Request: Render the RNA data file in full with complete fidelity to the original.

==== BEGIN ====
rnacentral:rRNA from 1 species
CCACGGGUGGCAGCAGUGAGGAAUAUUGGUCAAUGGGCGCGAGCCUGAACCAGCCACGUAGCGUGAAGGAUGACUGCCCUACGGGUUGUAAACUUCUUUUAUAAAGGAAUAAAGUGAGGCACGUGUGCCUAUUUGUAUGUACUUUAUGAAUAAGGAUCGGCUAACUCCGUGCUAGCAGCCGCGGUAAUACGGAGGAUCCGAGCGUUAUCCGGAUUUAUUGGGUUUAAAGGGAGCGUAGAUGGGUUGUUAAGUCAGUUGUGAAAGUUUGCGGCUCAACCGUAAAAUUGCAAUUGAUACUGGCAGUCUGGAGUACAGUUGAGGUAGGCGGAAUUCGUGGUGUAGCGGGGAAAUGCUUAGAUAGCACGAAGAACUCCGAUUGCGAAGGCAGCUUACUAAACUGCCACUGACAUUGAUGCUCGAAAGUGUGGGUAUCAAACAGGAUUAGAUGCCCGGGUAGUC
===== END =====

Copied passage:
rnacentral:rRNA from 1 species
CCACGGGUGGCAGCAGUGAGGAAUAUUGGUCAAUGGGCGCGAGCCUGAACCAGCCACGUAGCGUGAAGGAUGACUGCCCUACGGGUUGUAAACUUCUUUUAUAAAGGAAUAAAGUGAGGCACGUGUGCCUAUUUGUAUGUACUUUAUGAAUAAGGAUCGGCUAACUCCGUGCUAGCAGCCGCGGUAAUACGGAGGAUCCGAGCGUUAUCCGGAUUUAUUGGGUUUAAAGGGAGCGUAGAUGGGUUGUUAAGUCAGUUGUGAAAGUUUGCGGCUCAACCGUAAAAUUGCAAUUGAUACUGGCAGUCUGGAGUACAGUUGAGGUAGGCGGAAUUCGUGGUGUAGCGGGGAAAUGCUUAGAUAGCACGAAGAACUCCGAUUGCGAAGGCAGCUUACUAAACUGCCACUGACAUUGAUGCUCGAAAGUGUGGGUAUCAAACAGGAUUAGAUGCCCGGGUAGUC